Appendix 4 – Culture: Examples of Behavioral Principles (p. 376-380). Dean notes that companies are great at defining their culture, but often not so great at explaining how people can embody that culture and monitor their behaviors to ensure that they are living it and reinforcing it. In this section, he provides specific examples of behaviors that can make goals like “maintain a high ethical standard” actionable. For example, you can say “we do not permit personal conflicts of interest”. You’ll have to test your processes against these behavioral expressions of culture, too: if you don’t permit personal conflicts of interest, you should identify areas where conflicts of interest might arise and anticipate ways to identify them, prevent them, or resolve them quickly.

There are so many things I like about this book, and it embodies so many principles of good organizational design in a light, conversational way. Although there are a lot of books I really like, I don’t typically gush over them… but this one meets my high standards. Coupled with Dean’s 2017 book, Principle-Based Organizational Structure (which has a less conversational and more academic style), these are the only two references I really need to remind me of the essentials for intentionally building healthy organizations that are aligned internally and externally.

Alignment is the best way to reduce friction between people, and accelerate real progress towards tangible goals.

Elon’s Modern Day Tower of Babel Event

So Elon bought Twitter this week, fired most of the staff (except the people who have been writing the most lines of code, and if you work in software engineering you know what a genius idea that is), alienated a bunch of potential 2023 advertisers, and then alienated them more by threatening to publicly shame them.

It reminds me of the Tower of Babel story, where ancient leader Nimrod (according to Jewish-Roman history) decided to build a tower so big that it would reach all the way to God. (How big? About 3x the height of Dubai’s Burj Khalifa, which is pretty big at 2722 ft, just over half a mile tall.) Apparently God didn’t like that, so he decided to bust up the party by making people unintelligible to each other.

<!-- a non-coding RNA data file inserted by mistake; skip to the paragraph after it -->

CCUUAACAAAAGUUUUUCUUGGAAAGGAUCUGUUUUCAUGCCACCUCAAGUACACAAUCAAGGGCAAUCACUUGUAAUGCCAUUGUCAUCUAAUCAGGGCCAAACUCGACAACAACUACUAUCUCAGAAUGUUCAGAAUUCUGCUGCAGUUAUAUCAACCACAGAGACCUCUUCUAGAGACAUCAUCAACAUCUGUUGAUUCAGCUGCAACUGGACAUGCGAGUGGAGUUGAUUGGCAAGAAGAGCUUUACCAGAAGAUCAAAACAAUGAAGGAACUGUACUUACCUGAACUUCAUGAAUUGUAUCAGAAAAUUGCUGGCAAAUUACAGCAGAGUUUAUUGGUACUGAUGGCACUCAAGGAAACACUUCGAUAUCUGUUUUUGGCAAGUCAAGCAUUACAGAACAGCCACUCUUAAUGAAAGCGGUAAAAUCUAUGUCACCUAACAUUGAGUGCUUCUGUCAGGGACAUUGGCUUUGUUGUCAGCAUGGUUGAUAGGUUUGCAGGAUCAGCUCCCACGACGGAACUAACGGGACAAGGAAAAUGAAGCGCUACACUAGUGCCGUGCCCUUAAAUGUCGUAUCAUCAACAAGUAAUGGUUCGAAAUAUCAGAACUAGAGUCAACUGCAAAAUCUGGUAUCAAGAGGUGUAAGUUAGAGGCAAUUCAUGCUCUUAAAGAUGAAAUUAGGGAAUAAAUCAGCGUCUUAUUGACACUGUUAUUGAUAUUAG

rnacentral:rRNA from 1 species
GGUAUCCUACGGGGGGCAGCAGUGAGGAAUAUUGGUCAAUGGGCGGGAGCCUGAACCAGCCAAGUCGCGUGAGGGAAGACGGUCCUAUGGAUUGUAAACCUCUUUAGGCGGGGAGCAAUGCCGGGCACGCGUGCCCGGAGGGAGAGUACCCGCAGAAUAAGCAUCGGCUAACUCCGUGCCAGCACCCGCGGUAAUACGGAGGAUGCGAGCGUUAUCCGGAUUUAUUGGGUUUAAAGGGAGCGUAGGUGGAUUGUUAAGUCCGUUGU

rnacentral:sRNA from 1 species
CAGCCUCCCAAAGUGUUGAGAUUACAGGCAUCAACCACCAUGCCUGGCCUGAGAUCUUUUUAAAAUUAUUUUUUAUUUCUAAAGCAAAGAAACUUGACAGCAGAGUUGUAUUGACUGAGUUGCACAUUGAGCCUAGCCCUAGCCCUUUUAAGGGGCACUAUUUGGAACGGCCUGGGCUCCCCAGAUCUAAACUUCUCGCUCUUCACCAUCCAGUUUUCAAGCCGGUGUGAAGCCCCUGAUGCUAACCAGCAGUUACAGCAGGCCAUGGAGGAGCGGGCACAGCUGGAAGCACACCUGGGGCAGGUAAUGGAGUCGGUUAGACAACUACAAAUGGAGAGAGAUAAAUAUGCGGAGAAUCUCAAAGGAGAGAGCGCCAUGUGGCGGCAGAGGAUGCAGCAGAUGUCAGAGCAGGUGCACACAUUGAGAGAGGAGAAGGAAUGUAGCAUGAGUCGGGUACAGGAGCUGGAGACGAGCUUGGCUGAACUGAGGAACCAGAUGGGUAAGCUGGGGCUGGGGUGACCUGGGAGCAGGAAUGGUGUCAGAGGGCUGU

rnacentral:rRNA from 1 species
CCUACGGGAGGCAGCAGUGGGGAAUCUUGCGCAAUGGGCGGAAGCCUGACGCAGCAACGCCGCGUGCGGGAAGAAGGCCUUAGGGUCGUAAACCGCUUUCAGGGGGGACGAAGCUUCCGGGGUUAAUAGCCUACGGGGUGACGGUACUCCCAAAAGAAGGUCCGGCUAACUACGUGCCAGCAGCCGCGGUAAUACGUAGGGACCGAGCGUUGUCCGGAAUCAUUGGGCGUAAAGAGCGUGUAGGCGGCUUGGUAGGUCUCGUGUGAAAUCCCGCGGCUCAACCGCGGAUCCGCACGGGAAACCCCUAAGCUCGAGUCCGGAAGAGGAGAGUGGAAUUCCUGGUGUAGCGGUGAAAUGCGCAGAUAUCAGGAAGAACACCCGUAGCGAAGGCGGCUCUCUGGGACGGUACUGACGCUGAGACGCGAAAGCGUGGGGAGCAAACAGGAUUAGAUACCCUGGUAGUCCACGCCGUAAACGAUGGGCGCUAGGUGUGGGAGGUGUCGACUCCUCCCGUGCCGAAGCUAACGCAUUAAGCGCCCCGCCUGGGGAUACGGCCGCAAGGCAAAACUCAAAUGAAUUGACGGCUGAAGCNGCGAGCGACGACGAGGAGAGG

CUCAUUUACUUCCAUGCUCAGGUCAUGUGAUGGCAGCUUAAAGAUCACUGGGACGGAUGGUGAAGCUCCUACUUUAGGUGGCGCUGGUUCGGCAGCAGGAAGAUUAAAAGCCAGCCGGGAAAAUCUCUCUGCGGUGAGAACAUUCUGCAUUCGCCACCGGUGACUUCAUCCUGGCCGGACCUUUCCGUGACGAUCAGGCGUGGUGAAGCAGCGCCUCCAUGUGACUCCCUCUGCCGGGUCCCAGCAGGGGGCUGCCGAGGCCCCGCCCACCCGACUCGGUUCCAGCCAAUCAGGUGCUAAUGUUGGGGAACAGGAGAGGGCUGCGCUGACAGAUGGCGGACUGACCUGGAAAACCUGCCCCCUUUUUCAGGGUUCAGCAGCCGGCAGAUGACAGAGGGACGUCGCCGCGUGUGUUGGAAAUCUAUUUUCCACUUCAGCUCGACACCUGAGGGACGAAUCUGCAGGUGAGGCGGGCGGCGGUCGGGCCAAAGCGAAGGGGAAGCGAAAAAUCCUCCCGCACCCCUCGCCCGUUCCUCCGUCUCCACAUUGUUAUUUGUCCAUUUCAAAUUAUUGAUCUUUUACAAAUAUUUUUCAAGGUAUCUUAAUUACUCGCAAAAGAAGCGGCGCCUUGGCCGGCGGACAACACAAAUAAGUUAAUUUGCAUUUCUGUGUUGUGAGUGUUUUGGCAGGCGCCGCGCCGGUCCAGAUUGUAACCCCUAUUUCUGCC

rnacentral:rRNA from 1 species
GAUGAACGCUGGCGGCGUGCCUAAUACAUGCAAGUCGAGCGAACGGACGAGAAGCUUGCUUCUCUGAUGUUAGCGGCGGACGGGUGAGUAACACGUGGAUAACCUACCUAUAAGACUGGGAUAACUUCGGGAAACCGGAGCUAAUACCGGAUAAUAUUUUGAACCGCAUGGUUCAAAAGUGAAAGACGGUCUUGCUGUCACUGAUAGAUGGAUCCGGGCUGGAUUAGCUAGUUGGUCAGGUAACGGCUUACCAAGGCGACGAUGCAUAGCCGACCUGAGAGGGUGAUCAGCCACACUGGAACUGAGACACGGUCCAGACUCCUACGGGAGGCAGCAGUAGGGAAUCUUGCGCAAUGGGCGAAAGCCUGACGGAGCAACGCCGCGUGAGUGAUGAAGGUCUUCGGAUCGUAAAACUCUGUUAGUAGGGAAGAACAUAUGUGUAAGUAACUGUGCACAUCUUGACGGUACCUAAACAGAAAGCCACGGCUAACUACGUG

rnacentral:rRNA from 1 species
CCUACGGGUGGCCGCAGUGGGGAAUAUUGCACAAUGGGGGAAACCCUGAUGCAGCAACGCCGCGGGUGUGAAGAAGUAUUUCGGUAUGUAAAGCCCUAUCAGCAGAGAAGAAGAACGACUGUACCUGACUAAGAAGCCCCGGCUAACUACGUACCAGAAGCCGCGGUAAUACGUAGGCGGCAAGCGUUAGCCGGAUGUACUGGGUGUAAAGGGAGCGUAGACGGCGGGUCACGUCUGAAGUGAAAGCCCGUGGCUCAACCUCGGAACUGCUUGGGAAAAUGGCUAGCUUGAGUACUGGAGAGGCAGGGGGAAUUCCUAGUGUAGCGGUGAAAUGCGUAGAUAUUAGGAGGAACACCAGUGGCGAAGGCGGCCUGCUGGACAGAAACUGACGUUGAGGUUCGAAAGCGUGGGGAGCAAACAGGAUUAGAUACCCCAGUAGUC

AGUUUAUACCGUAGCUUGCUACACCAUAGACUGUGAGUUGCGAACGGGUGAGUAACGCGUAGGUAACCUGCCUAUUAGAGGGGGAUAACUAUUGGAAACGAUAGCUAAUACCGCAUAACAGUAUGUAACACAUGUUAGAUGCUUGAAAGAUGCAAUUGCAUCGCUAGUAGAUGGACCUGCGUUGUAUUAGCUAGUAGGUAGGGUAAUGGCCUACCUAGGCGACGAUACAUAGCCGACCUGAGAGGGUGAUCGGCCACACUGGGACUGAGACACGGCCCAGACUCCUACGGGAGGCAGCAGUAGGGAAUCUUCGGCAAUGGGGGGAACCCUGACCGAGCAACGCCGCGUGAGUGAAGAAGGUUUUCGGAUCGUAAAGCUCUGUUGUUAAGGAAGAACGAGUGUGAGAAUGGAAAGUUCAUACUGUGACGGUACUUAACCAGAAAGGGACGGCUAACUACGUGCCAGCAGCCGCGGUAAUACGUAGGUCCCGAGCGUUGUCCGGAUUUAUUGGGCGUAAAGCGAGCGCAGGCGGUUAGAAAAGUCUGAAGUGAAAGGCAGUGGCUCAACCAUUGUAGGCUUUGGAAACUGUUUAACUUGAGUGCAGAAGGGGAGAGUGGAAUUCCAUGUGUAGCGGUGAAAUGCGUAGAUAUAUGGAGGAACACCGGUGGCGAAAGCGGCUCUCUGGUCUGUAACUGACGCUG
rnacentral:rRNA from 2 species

A literal Tower of Twitter. Image Source: https://sf.curbed.com/2020/5/13/21256351/twitter-building-headquarters-work-home-employees-sf

According to the mythology (which actually appears in many traditions), the reason God made the decision to magically and instantaneously create several languages was that the people were getting too powerful. Because they could communicate and coordinate, they were relying on each other to accomplish great feats (namely: building a giant tower) rather than putting their faith in their deity to help them overcome differences and achieve unity.

It’s pretty easy to see what role Twitter (powered by its Translate Tweet button) and Mastodon are playing.

The only thing I’d love to know is… in this modern drama of social media evolution, who’s playing God?

Agile Should Not Make You Feel Bad

Agility can be great (even though for many neurodivergent people, it’s the opposite of great). But when teams go through the motions to be “Agile” they often end up overcomplicating the work, adding stress to interactions, and achieving less agility.

If your agile processes are “working”, then over the next iteration (typically 1-4 weeks):

⬜ You have a clear understanding, as a team, of the value you’re working to demonstrate. (Note that this is not a promise or a commitment, but a shared purpose, direction and intention.)